city of amul important Antique trade center




Search for perfect Card “comboS”




“Card” games are always very popular, especially if you must make “combinations” with them in order to increase your points, and Amul is one of them: what is “different” is that you may play it with 2 to 8 players and this is a very important feature as it is not easy to find a fast but interesting game (easy to teach and very interactive) for so many people.


Bild 1

Bitte so groß wie möglich


Picture 1 shows the components, mostly cards: 147 “Market” cards, 19 “Palace” cards and 9 “Bazar” ones: a triangular board is used to keep separated the cards in three different areas. Two booklets are also included: the first is for the rules and the second is a summary of the different cards and their function. It is recommended to use transparent sleeves to protect the cards, as they will be intensively used.


The triangular board is placed in the middle of the table and the “Palace” and “Bazar” cards are displayed on its left and right side (cards must be “sorted” before play, following the number of players).  Five market cards are then distributed to each player and the game may start (look at Picture 2 for an example of set-up).


Bild 2


The first player should be assigned the task to mark the turns using two special cards. He will also have the “First Choice” in the card selection that will follow, and this task will change turn after turn.

The game


The first player gives a sixth card to all and places ein bis drei cards face up on the table (the number increases with the number of the players) under the triangular board in an area called “market”: now every player must select one of his cards and place it (covered) on the “market”. All the cards are turned at the same time and the player with the “First Choice” may take any one of them adding it to his hand: the others follow in turn order. Finally, every player displays one of his cards in front of him (in an area that we may call his “personal reserve”), where it will stay until the end of the game.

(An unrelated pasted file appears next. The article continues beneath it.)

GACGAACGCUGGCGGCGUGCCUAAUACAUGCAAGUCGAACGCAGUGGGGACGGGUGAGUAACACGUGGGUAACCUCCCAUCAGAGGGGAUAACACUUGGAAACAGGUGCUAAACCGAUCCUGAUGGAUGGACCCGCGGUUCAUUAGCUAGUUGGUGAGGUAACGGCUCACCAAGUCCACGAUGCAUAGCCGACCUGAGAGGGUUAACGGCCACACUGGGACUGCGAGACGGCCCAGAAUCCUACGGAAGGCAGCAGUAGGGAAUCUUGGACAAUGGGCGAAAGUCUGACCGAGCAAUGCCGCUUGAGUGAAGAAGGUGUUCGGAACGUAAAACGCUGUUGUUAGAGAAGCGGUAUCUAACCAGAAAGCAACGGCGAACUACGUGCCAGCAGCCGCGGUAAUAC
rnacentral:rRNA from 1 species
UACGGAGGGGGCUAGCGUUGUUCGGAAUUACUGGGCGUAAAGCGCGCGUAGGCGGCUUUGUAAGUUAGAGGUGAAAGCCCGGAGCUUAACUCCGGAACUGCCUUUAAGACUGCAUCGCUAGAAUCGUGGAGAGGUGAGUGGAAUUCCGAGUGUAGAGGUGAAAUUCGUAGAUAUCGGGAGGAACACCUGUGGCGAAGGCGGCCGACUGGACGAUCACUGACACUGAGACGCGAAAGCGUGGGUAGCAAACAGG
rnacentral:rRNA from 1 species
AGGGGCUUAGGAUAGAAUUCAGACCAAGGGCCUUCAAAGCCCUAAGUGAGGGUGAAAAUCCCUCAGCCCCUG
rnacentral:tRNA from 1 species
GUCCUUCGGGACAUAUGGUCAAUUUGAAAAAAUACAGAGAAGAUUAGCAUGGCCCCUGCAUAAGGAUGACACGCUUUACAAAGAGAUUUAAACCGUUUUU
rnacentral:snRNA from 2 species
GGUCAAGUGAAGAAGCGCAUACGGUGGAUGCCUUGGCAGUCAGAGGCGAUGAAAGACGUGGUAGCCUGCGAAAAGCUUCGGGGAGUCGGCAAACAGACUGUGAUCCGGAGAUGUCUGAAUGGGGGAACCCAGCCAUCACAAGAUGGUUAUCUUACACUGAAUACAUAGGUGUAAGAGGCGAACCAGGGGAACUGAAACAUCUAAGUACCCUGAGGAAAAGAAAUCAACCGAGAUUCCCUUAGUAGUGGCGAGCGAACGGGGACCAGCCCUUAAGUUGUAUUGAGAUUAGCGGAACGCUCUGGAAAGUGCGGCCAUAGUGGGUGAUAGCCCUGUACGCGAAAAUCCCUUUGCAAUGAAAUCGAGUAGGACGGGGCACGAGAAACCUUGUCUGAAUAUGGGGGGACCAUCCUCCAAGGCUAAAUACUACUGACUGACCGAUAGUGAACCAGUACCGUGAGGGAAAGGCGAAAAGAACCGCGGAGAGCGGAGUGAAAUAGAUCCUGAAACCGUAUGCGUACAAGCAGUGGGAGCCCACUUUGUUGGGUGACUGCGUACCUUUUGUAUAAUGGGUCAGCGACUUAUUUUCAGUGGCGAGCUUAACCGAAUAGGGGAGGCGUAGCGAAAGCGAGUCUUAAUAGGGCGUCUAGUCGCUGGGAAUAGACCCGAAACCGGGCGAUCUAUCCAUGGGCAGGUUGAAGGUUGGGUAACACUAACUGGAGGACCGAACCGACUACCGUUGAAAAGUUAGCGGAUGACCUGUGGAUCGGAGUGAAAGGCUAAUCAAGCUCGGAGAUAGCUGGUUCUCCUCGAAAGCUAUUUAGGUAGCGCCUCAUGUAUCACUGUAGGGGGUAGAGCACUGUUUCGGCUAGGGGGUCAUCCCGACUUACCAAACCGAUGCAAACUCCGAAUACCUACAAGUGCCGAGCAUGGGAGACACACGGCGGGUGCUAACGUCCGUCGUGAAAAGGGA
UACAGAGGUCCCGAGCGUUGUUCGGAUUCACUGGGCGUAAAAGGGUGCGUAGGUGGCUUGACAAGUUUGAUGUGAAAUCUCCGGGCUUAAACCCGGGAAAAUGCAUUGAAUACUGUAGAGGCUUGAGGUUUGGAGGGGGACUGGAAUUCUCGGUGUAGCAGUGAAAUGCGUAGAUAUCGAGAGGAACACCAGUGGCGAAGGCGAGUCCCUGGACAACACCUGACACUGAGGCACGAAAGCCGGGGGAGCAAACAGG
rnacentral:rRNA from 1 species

This action is the real heart of the game and this is also the moment where the players should decide and follow their strategy. Therefore, it is time to look at those cards a little closely (see also Picture 3).


Bild 3

Bitte so groß wie möglich man sollte den Text lesen können


Each card has the following characteristics:


-       A name (Guard, Merchant, etc.)

-       A color (Red, Pink, Green, Yellow, Blue and Orange)

-       One or more “round icons” (Arab, Mongol, 2 swords, etc.) on the left

-       One square icon (“hand” or “table”) bottom left

-       One or more “rectangular” icons on the bottom right (arrows, cards, etc.)